The way we construct buildings is changing. As technology, resources and manufacturing processes evolve and conform to new pressures from government, environmental lobbyists and a housing shortage, those in construction are being forced to adapt.
Likely to increase in popularity as time goes on, Modern Methods of Construction (MMC) is a term (loosely) describing a selection of building techniques that differ from the traditional block and brick, which have been developed in response to certain industry demands.
What are the methods?
The majority of MMCs involve off-site manufacture which contains many advantages. Construction used to be one of the rare industries that produced everything where it was needed i.e.-on- site. This method relies heavily on good weather, the skills of the construction workers and can involve a lot of waste.
With an industrialised method that prefabricates in a factory, it is possible to attain a high level of precision and the opportunity to re-use any waste (whatever the weather).
There is also more incentive with an industrialised approach to reduce waste, as when you have suppliers, a price has been agreed beforehand that includes the cost of materials.
New methods can compensate for the much publicised skills shortage, resulting in part from under investment in training, by encouraging use of direct over contracted labour, as the majority of work in factories is the former.
According to ‘A Guide to Modern Methods of Construction’, key modern methods include:
‘Volumetric construction: Three-dimensional units produced in a factory, fully fitted out before being transported to site and stacked onto prepared foundations to form the dwellings[ can reduce the on-site build time significantly].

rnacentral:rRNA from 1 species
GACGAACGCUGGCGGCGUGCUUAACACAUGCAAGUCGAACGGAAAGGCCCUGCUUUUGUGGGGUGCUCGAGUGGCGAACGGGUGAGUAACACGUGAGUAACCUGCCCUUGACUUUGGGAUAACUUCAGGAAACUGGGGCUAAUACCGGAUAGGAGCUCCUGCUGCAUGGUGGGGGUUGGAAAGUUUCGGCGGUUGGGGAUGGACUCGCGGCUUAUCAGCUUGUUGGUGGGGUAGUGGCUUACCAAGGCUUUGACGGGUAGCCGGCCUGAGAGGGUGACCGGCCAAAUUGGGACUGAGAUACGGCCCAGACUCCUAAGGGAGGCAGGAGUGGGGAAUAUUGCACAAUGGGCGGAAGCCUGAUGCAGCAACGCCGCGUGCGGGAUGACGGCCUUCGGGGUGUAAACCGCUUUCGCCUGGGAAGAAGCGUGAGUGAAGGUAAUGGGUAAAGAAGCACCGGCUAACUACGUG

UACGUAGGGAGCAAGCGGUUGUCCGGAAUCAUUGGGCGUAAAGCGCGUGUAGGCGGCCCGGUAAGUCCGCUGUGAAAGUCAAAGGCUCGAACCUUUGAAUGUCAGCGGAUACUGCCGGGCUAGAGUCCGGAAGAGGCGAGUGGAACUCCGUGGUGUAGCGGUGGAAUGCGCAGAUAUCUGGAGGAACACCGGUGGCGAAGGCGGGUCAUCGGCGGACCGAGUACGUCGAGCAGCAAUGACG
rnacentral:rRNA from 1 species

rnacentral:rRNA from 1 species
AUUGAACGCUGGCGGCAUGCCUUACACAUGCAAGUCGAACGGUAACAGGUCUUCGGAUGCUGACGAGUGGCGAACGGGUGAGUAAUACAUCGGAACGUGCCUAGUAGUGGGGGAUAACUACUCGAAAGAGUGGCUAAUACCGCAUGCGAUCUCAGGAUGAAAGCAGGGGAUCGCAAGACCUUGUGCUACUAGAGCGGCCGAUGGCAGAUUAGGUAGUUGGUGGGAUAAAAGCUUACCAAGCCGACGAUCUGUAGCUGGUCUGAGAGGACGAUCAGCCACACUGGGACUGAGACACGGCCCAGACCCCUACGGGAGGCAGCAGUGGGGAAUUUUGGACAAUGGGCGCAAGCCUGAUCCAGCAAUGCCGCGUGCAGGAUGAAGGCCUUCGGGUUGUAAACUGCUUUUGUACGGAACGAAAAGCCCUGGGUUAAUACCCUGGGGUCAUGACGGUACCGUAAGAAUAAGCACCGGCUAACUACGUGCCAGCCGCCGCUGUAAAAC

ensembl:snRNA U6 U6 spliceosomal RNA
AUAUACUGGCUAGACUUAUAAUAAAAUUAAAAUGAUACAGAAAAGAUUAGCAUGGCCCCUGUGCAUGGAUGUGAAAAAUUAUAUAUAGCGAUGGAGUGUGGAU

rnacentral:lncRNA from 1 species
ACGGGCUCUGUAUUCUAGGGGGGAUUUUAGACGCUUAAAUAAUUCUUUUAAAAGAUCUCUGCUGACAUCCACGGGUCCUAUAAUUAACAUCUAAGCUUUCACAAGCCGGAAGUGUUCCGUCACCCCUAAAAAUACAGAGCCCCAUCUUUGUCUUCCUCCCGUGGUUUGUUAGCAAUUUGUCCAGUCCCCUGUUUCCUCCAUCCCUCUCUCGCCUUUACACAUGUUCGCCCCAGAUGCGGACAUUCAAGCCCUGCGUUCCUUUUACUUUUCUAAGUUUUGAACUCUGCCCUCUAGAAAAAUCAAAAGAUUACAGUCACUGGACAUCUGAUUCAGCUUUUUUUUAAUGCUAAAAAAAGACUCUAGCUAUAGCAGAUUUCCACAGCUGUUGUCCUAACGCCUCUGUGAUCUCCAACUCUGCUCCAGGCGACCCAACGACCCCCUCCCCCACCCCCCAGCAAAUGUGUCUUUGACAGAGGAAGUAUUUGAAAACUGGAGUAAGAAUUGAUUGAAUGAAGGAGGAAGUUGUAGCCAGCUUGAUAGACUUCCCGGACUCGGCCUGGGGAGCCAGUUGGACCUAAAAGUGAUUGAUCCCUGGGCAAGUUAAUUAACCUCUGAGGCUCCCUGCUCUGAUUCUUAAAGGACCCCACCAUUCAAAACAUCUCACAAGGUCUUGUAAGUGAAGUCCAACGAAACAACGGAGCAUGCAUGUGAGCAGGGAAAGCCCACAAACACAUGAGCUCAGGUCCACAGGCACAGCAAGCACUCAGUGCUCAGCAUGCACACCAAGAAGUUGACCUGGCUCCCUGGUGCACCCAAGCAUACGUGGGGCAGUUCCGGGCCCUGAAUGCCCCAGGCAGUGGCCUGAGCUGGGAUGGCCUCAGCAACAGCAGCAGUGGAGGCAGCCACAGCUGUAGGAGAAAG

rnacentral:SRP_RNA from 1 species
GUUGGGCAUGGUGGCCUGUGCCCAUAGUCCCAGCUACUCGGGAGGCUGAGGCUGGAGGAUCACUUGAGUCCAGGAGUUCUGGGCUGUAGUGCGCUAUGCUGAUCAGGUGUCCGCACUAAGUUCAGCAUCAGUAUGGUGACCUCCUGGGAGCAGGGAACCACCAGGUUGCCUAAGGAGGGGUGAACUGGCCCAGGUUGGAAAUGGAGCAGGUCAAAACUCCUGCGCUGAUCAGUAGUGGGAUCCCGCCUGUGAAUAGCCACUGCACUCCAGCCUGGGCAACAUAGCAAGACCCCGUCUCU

Panellised construction systems: Flat panel units built in a factory and transported to site for assembly into a three-dimensional structure or to fit within an existing structure.
The buzzword eco-innovation demonstrates how the environment is a key driver for change. Urban mining is just one example of this, meaning: to re-use and recycle building materials from demolished buildings, tips and landfills. It is increasingly being taken seriously by the industry for its green principles and money-saving potential.
Similar to this initiative is the emphasis on renovation rather than building from scratch, including renovating even the most unlikely buildings. For example, the prestigious award from the Royal Institute of British Architects included the renovation of a dilapidated 1960s council block of flats that was known for drug and crime problems. The renovation, 1 of 6 finalists up for the Stirling Prize, was praised for it’s “imaginative regeneration… and the bold reuse of a listed building.”
The developments can certainly be unexpected and it seems demand for the right skills mean those in the construction industry must keep up, training themselves in MMCs to prepare for the future.
How many of these techniques did you know about and do you already use them? Let us know in the comments section below.